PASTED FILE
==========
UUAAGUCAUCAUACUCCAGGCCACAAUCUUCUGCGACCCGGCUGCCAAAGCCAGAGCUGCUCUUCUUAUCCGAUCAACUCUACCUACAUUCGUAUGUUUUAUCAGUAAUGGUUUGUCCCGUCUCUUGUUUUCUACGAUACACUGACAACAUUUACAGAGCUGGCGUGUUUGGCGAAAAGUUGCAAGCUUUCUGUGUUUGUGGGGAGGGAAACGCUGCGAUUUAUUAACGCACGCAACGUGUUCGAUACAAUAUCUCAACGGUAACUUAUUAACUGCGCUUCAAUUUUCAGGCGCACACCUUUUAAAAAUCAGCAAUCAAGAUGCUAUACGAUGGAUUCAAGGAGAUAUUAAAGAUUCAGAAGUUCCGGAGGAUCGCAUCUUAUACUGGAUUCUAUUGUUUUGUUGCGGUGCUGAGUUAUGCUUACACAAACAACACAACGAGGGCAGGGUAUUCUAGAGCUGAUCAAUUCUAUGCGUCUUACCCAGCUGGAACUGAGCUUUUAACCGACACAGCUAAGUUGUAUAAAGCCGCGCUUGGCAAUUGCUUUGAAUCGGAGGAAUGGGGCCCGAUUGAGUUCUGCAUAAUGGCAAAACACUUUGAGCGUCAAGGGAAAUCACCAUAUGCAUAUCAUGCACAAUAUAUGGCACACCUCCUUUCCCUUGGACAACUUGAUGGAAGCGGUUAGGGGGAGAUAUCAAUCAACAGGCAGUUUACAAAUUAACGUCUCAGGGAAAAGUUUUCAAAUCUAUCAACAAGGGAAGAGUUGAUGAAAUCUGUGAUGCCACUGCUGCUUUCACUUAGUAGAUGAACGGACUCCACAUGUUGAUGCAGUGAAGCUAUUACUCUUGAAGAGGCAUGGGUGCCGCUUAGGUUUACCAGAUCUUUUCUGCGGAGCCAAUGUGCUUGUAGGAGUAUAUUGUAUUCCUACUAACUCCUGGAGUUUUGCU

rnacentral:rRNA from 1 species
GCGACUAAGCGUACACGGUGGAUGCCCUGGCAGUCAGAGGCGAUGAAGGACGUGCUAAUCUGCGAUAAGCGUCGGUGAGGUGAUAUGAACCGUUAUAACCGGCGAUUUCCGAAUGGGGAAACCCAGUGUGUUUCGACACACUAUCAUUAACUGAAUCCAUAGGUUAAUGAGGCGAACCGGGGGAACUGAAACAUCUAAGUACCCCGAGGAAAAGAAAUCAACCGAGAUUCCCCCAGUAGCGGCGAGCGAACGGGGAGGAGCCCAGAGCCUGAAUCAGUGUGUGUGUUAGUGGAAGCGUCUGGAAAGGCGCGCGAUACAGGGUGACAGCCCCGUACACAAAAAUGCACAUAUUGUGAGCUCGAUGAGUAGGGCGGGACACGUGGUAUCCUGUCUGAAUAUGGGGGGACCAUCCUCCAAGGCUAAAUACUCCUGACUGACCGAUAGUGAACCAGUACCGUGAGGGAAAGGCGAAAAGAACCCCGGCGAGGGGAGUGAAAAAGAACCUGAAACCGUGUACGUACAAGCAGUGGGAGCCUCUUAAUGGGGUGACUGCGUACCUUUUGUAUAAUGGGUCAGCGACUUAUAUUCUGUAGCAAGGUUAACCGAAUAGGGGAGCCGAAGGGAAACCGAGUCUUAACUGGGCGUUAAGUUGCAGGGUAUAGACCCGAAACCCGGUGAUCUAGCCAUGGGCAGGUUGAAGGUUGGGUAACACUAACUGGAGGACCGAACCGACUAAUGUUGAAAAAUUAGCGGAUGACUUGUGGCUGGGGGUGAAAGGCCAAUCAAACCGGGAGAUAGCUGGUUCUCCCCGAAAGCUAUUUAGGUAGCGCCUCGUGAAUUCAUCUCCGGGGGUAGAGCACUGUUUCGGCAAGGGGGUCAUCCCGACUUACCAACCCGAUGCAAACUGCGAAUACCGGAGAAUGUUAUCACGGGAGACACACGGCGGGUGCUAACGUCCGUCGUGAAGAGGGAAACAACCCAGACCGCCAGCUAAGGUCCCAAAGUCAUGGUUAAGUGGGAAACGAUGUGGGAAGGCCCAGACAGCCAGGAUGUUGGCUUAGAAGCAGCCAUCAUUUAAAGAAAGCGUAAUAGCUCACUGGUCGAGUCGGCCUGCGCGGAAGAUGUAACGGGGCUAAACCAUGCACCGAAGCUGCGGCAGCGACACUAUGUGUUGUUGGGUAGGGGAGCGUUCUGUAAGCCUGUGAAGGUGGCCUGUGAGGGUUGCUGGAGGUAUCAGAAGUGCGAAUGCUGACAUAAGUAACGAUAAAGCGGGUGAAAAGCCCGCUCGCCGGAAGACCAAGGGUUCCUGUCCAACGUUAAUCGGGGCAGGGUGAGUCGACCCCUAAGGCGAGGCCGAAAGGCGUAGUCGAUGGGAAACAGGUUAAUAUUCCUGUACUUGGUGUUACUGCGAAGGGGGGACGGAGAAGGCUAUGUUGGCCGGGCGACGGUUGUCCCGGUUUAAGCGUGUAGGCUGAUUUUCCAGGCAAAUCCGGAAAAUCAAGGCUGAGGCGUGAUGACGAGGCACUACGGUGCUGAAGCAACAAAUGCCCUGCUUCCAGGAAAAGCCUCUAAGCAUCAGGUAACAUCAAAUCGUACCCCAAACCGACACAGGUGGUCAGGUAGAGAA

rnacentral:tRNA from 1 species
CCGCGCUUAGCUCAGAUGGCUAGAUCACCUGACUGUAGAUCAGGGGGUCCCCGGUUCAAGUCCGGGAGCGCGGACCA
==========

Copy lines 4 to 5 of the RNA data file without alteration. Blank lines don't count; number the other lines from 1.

rnacentral:tRNA from 1 species
CCGCGCUUAGCUCAGAUGGCUAGAUCACCUGACUGUAGAUCAGGGGGUCCCCGGUUCAAGUCCGGGAGCGCGGACCA